FINALLY... an explanation on this recipe!
I made toum today with some recipe on the net and i ended up with runny sauce...

NOW that i know to add potato, im going to do that...baking potatoes are good right?

the other thing is....will i ever get it to be like the restaurant consistency? i love that kind, its light and fluffy.

burekaboy — said...

hi swiss miss - welcome and thanks for your comment :)

i know what you are saying, most of the stuff on the net about this is vague. i have another post in the making which does NOT use potato to thicken it.

[but, yes, use a regular baking potato for this recipe].

the problem with this is that in the recipes you find (especially on the net), there is no emulsifier like egg or potato - basically it's salt, oil, garlic and salt. unless it is done very slowly and with an experienced hand, you will end up with a watery concoction. it is a very fussy and difficult sauce to make and is one which does not keep for long because of this instability.

if you don't want the thoum as garlicky as it is here, just use one or two less cloves of garlic. it's quite strong.

hope that helps. keep an eye out for the future post on this sauce! :)

Anonymous said...

Your recipe didn't turn out.

Use much less lemon juice. Like a tbs. Put in an egg white and blend with garlic.

Then use vegetable or corn oil as the olive oil is too expensive to waste if it doesn't come out or you are new to making this.

The key is to poor slowly.. almost dripping. Pouring too quickly will cause it to 'ruin' as what happened with yours.

You DID have it in the beginning, but by the end it was ruined.

Also, when using a blender, I find you can only make 2/3 cups max reliably. Anymore and the blender cannot hanlde that amount of oil and the recipe ruins.

I also find that near the end, you should poor a thicker stream and quickly stop when the belender tells you it's had enough. You can listen to hear the deeper sound. When you hear this, STOP. Even if you have more oil left. It takes just 2 seconds to have the recipe ruined.

The true end product should not be touching the blades. They should be on the sides and under the blade. If you start to see you mayo go back onto the blade near the end, STOP. If the mayo collapses itself back on the blade, then it's basically ruined.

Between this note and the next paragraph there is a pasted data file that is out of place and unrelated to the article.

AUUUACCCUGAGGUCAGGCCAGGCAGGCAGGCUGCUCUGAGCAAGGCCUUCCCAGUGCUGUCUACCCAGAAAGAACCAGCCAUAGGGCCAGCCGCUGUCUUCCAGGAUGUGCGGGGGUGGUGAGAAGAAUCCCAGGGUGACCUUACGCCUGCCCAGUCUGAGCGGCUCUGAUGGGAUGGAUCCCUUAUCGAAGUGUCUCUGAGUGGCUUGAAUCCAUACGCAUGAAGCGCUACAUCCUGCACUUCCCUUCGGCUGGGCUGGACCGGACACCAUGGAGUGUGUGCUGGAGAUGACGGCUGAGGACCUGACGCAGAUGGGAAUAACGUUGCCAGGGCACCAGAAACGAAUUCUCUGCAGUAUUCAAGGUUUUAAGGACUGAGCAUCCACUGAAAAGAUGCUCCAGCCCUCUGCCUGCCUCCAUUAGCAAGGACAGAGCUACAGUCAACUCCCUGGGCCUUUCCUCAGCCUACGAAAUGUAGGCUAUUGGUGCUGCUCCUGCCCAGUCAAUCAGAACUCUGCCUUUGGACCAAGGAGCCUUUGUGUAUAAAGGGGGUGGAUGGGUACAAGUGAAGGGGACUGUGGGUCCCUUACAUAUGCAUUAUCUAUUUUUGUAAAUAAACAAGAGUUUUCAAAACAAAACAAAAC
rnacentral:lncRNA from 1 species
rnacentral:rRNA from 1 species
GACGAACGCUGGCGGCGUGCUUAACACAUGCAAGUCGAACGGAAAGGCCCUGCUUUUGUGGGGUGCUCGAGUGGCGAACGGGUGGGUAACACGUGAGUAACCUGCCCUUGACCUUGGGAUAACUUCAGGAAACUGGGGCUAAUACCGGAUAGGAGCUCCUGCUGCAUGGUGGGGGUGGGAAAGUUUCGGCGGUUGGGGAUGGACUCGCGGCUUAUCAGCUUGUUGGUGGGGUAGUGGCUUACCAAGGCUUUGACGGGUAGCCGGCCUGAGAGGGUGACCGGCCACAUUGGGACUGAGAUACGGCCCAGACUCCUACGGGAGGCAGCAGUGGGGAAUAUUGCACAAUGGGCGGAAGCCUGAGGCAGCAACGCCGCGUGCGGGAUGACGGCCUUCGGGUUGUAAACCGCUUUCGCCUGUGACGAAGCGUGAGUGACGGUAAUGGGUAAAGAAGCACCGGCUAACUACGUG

Also, you can use a food processosor but it must be a Cuisinart brand. They come with a small hole in the pusher specifically meant for this purpose so it's a very controlled oil stream.

However, I just recommend everyone reading this go out and buy a $25Cuisinart hand held stick blender with cup included and make it this way:

http://youtube.com/watch?v=Gz0fLT_k3_U

It will work for sure. But it must be a Cuisinart, and must be in that cup. or very similar sized cup.

When you really get into cooking you then realize the brand of your cookware is as important, or more important sometimes then your recipe or things will simply not turn out.

So go out and get a cuinart stick blender, cuisinart food processor (14 cup from ebay), and a kitchenAid mixer with meat grining attatchment or a lot of these recipes won't turn out.

burekaboy — said...

anonymous - sorry for the grand delay in replying; i have only just found your comment now amongst other 'lost' ones which have ended up in my spam files.

thank you for your comment, evaluation and suggestions. they ARE appreciated. i am sorry to read that you were not successful with the recipe and that it wasn't to your liking.

in fairness, i have to say that the recipe i posted DOES INDEED work. it has been used by other people and they have not had problems. i notice that you say you did not add either the potato or soaked bread as a thickening/binding agent. this is necessary for this particular recipe. it serves to bind and make a stable emulsion and to soften the harshness of the garlic. it is a method used by many people. the mixture will indeed emulsify without it, however it is a very tricky process and one which is achieved by experience and a good eye. one extra drop of oil and it will be ruined. the thickeners i suggest are there to prevent this.

i have recently posted another version, if that interests you at this point. again, i do apologize for your mishap but as i say, the recipe does work. i would not have posted it if it did not.